Fire in the win'lass and fire in the chain; There's fire down below. There's fire in the forepeak, fire down below; To me weigh, heigh, heigh, ho. There's fire in the cockpit, the bos'n didn' know; There's fire down below.
Author: James H. Williams
Publisher: Pickle Partners Publishing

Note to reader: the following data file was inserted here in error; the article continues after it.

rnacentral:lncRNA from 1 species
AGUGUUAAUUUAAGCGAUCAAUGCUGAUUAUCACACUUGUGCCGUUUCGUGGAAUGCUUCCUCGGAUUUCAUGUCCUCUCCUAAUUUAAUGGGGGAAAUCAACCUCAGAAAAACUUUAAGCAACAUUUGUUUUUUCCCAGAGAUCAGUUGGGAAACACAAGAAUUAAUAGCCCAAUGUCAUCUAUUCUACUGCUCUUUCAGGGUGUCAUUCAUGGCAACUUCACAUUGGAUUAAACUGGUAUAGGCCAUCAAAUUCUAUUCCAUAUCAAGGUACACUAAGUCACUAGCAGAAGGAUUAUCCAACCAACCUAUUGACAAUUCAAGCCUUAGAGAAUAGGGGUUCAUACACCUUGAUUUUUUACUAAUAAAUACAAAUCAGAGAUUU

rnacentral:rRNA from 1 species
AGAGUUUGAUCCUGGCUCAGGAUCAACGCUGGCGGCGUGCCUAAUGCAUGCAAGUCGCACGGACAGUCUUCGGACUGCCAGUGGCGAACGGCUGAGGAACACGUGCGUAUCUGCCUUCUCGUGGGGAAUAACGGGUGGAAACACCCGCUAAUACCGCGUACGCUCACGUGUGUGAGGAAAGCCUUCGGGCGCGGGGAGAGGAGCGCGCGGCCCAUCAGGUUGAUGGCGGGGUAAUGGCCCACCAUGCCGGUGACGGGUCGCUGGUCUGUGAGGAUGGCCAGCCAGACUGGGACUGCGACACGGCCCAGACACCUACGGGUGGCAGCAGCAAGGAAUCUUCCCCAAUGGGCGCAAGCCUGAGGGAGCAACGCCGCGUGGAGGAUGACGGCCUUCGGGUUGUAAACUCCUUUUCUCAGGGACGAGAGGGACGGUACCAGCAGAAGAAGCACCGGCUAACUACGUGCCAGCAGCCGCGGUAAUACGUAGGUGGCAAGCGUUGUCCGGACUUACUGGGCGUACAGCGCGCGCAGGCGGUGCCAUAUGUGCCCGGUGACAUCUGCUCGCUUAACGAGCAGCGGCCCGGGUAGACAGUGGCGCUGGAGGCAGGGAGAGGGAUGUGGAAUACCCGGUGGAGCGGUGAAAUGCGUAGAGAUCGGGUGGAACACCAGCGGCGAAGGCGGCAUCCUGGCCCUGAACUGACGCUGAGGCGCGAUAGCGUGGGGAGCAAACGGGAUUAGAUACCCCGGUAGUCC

A weathered manuscript discovered among old papers was the foundation of this powerful book. James H. Williams’ spellbinding recollections of his adventures before the mast in sailing-ship days bring alive again that gruelling but romantic era on the seas. Though he called himself a common sailor, James H. Williams (1864-1927) was a most uncommon man. An African-American seaman with reddish hair, he left his Massachusetts home to go to sea at the age of eleven. Yet in spite of his limited formal education, he, wrote in later life with a verve and color that many professional writers would envy. Although he had once killed a man in escaping from a hell-ship at Hong Kong, Williams possessed a high sense of moral virtue. A practical man who survived countless storms and two major shipwrecks, he instinctively sought out the ships of masts and spars in an age in which the merchant marine was making its transition from sail to steam. Within him, too, burned a reforming fervor so intense that he became an uncompromising—and highly effective—enemy of all who preyed upon the common seaman. Vivid, salty, and enlivened by an unfailing sense of humor, James H. Williams’ reminiscences form a remarkable chronicle of life and adventure under sail and along the waterfronts of deep-water ports from America to China. Here are the thrill of the whale hunt and the terror of a boat’s crew as an infuriated whale capsizes them. Here are episodes of hardship and the brutality of bucko captains and mates that belied the beauty of taut, queenly ships. Here, too, are magnificent accounts of sailing ships and the stalwart men who manned them; of heroic deeds; of exotic anchorages and boisterous sprees ashore; of the immensity of the sea and its awe-inspiring gales and typhoons; of shipwreck in the English Channel on a bitter winter night; of drifting on a spar in the lonely South Atlantic and surviving for three months on an uninhabited island.